Archives for posts with tag: life

‘You will never be completely at home again, because part of your heart will always be elsewhere. That is the price you pay for the richness of loving and knowing people in more than one place.’

Miriam Adeney



Ah, the joys of the postal service here in Sri Lanka! I do love it really! The paperwork, the bureaucracy, the non-existent queuing system…

Every transaction is handled manually – nothing is computerised – with hand written ledger books, and copious amounts of carbon paper for all the required copies.

Even at our little branch in Norochchalai, if the doors to the offices behind the main counter are open I love looking at all the piles of paperwork and imagining how long they’ve been there and old they are! And wondering what happens to it all?!

photoAnd of course, no transaction is simple. Whilst postage certainly is not expensive – it’s less than 20 cents to send a postcard anywhere in the world, and a letter to Australia costs about 70 cents – it is made a little more complicated because of all the combinations of stamps required to make that 85 rupee! I sent a birthday card to my brother-in-law recently and the envelope ended up being more than half covered! Somehow I think the address was still visible.

And then, if they don’t have enough change, you get more stamps back! For next time?!photo-3

There is no queuing system. One clerk can be dealing with several customers at once, and your personal space can feel a little compromised. You finally get to the ‘front’ of the queue and think you have the clerk’s attention for your five letters – but for every one action she does for you she deals with someone else who is reaching over and around you, or leaning over the counter in front of you. Fortunately most of the time it works without too much drama!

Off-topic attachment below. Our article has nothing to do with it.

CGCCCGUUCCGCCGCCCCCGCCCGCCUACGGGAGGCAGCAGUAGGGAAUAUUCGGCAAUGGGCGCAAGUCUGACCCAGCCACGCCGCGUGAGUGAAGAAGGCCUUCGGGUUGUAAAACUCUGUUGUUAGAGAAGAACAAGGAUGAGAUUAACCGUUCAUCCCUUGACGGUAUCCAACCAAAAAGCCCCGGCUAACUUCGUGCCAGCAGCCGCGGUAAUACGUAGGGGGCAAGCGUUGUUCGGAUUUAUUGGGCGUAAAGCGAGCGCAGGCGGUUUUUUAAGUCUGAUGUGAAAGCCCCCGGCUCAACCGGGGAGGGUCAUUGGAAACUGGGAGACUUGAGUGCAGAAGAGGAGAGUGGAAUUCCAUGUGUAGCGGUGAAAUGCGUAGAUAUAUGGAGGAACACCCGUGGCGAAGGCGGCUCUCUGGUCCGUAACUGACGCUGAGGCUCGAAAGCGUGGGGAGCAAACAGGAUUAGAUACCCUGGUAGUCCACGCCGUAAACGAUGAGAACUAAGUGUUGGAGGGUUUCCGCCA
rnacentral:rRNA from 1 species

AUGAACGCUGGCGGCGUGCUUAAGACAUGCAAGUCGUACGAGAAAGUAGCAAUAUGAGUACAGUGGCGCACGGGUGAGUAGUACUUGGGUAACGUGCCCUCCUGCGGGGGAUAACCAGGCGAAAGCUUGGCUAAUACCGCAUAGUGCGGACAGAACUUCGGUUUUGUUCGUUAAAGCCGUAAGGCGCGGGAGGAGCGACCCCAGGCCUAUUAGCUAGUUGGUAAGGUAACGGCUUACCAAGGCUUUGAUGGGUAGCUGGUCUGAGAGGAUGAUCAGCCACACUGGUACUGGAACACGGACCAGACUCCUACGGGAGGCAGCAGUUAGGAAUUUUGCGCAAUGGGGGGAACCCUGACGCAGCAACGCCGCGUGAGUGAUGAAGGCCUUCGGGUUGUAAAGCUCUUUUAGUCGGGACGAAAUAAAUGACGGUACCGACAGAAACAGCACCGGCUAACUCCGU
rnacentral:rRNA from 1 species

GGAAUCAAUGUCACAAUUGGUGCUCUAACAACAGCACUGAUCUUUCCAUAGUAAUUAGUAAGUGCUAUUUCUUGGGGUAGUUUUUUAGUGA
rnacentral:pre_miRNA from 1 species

If you want to send anything registered – well, that will double the time you’re at the post office as you deal with several clerks and more paperwork!

And then once you get all the stamps for your letters, you have to keep them in the correct combinations and take them back to the other counter to paste them all on the envelopes! Sticky fingers…

photo-2The other day I had to pick up a parcel that had been sent from Australia. Sometimes they just get delivered, other times no, you have to go to the central office and pick them up paying any applicable fees and import duties and taxes, etc. How this is decided I’m still not sure about.